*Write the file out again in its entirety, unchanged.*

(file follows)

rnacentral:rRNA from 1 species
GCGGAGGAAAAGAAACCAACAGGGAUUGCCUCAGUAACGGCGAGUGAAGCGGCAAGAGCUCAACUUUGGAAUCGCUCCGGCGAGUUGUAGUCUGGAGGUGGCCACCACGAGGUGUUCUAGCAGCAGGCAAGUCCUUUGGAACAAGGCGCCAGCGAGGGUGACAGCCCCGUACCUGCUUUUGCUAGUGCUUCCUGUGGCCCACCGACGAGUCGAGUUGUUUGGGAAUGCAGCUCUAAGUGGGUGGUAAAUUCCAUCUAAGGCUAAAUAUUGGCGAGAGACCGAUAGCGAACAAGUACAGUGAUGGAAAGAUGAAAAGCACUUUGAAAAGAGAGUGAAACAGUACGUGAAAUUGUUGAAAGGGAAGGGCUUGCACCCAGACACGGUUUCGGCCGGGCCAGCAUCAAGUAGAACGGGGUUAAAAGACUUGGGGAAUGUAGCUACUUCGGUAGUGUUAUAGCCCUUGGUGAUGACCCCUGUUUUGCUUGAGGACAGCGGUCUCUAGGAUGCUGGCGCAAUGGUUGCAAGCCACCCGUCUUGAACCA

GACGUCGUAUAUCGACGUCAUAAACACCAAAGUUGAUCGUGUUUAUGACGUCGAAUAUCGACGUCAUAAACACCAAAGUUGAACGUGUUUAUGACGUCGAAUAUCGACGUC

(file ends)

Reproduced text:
rnacentral:rRNA from 1 species
GCGGAGGAAAAGAAACCAACAGGGAUUGCCUCAGUAACGGCGAGUGAAGCGGCAAGAGCUCAACUUUGGAAUCGCUCCGGCGAGUUGUAGUCUGGAGGUGGCCACCACGAGGUGUUCUAGCAGCAGGCAAGUCCUUUGGAACAAGGCGCCAGCGAGGGUGACAGCCCCGUACCUGCUUUUGCUAGUGCUUCCUGUGGCCCACCGACGAGUCGAGUUGUUUGGGAAUGCAGCUCUAAGUGGGUGGUAAAUUCCAUCUAAGGCUAAAUAUUGGCGAGAGACCGAUAGCGAACAAGUACAGUGAUGGAAAGAUGAAAAGCACUUUGAAAAGAGAGUGAAACAGUACGUGAAAUUGUUGAAAGGGAAGGGCUUGCACCCAGACACGGUUUCGGCCGGGCCAGCAUCAAGUAGAACGGGGUUAAAAGACUUGGGGAAUGUAGCUACUUCGGUAGUGUUAUAGCCCUUGGUGAUGACCCCUGUUUUGCUUGAGGACAGCGGUCUCUAGGAUGCUGGCGCAAUGGUUGCAAGCCACCCGUCUUGAACCA

GACGUCGUAUAUCGACGUCAUAAACACCAAAGUUGAUCGUGUUUAUGACGUCGAAUAUCGACGUCAUAAACACCAAAGUUGAACGUGUUUAUGACGUCGAAUAUCGACGUC